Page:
ax1.plot(builds, y_stack[1,:], label='Component 2', color='g', marker='*')
ax1.plot(builds, y_stack[2,:], label='Component 3', color='r', marker='*')
ax1.plot(builds, y_stack[3,:], label='Component 4', color='b', marker='*')
plt.xticks(builds)
plt.xlabel('Builds')
handles, labels = ax1.get_legend_handles_labels()
lgd = ax1.legend(handles, labels, loc='upper center', bbox_to_anchor=(1.15,1))
ax1.grid('on')
plt.show()
```

### Example 5: Stacked Line Plot

This kind of line plot helps in comparing multiple line plots. With the help of subplot() function, we can plot our line plot along with different features. To plot stacked lines, we call the **plot** function.

With the help of colormap, we assign different colors to the lines used in stacked line plot.

```
fnx = lambda : np.random.randint(4, 10, 10)
y = np.row_stack((fnx(), fnx(), fnx(), fnx()))
x = np.arange(10)
y_stack = np.cumsum(y, axis=0)
fig = plt.figure(figsize=(11,8))
ax1 = fig.add_subplot(111)
ax1.plot(x, y_stack[0,:], label=1)
ax1.plot(x, y_stack[1,:], label=2)
ax1.plot(x, y_stack[2,:], label=3)
ax1.plot(x, y_stack[3,:], label=4)
ax1.legend(loc=2)
colormap = plt.cm.cool_r
colors = [colormap(i) for i in np.linspace(0, 1,len(ax1.lines))]
for i,j in enumerate(ax1.lines):
j.set_color(colors[i])
plt.show()
```

### Example 6: Filled Stacked Line Chart

This last example of the line chart tutorial shows us how we can plot a filled stacked line chart. For this plot, we will use **fill_between** function of matplotlib. This function takes the x-axis and y-axis data, we also pass **facecolor** parameter for specifying the color to be filled between the lines.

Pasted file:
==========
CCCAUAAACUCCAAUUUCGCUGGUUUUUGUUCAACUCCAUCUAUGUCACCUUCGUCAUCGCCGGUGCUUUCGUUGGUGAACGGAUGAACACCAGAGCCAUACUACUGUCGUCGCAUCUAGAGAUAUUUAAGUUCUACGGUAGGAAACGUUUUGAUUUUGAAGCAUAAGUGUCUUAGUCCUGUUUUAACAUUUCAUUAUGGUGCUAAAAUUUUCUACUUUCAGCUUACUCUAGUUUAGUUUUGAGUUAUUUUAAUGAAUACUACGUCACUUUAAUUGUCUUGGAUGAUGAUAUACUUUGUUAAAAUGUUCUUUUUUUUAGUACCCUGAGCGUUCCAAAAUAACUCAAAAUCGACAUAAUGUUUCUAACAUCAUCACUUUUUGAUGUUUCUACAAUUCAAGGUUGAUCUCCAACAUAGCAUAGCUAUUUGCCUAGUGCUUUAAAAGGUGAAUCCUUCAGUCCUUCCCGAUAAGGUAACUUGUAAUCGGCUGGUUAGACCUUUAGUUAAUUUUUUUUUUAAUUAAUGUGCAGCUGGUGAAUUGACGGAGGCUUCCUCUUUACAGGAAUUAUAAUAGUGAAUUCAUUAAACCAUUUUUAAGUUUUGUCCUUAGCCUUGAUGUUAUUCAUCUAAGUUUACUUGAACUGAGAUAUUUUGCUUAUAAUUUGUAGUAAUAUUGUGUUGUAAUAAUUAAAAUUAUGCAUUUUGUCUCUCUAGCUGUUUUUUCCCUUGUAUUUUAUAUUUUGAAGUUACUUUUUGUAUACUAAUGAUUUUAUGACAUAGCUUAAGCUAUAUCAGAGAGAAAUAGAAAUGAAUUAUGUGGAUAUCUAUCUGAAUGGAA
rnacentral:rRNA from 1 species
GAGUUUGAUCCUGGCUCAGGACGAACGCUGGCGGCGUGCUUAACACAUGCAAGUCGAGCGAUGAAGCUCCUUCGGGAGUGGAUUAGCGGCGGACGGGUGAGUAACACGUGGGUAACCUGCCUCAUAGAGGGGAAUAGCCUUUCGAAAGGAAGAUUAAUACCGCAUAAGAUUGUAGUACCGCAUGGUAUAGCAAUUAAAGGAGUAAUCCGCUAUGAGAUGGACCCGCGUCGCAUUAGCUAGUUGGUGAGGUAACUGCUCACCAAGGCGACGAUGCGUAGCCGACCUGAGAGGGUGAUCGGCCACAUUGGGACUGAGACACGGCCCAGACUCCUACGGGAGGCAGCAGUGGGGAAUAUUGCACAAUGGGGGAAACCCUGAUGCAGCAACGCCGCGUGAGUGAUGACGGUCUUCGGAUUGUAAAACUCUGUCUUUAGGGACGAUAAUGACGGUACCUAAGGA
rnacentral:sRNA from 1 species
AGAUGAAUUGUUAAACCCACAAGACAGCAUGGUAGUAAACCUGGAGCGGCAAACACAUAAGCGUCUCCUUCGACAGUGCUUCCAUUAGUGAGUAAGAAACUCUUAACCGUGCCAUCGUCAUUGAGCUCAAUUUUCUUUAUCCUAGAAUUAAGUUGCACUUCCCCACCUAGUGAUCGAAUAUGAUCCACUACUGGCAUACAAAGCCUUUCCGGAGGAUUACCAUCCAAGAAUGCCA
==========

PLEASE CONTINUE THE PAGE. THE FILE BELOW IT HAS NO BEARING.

The data passed to **fill_between** for x-axis and y-axis is generated by using arange and cumsum function of numpy. Here it is shown how you can save the figure plotted into your local system. The **savefig** helps us in that.

```
fnx = lambda : np.random.randint(3, 10, 10)
y = np.row_stack((fnx(), fnx(), fnx(), fnx(), fnx()))
x = np.arange(10)
y_stack = np.cumsum(y, axis=0)
fig = plt.figure(figsize=(11,8))
ax1 = fig.add_subplot(111)
ax1.fill_between(x, 0, y_stack[0,:], facecolor="#CC6666", alpha=0.7)
ax1.fill_between(x, y_stack[0,:], y_stack[1,:], facecolor="#FFACD6", alpha=0.7)
ax1.fill_between(x, y_stack[1,:], y_stack[2,:], facecolor="#6EFF60", alpha=0.7)
ax1.fill_between(x, y_stack[2,:], y_stack[3,:], facecolor="#CC66FF", alpha=0.7)
ax1.fill_between(x, y_stack[3,:], y_stack[4,:], facecolor="#1DFFD6", alpha=0.7)
plt.savefig('final_plot.png')
```

## Conclusion

This matplotlib line plot tutorial talked about how you can build a variety of line charts with the help of matplotlib. We learned how different matplotlib functions are used along with numpy functions for plotting useful line plots. Furthermore, we also looked at how we can put markers in our line charts. Along with other line plots, this tutorial also tells about the details that must be taken care while building line charts.

Reference – Matplotlib Documentation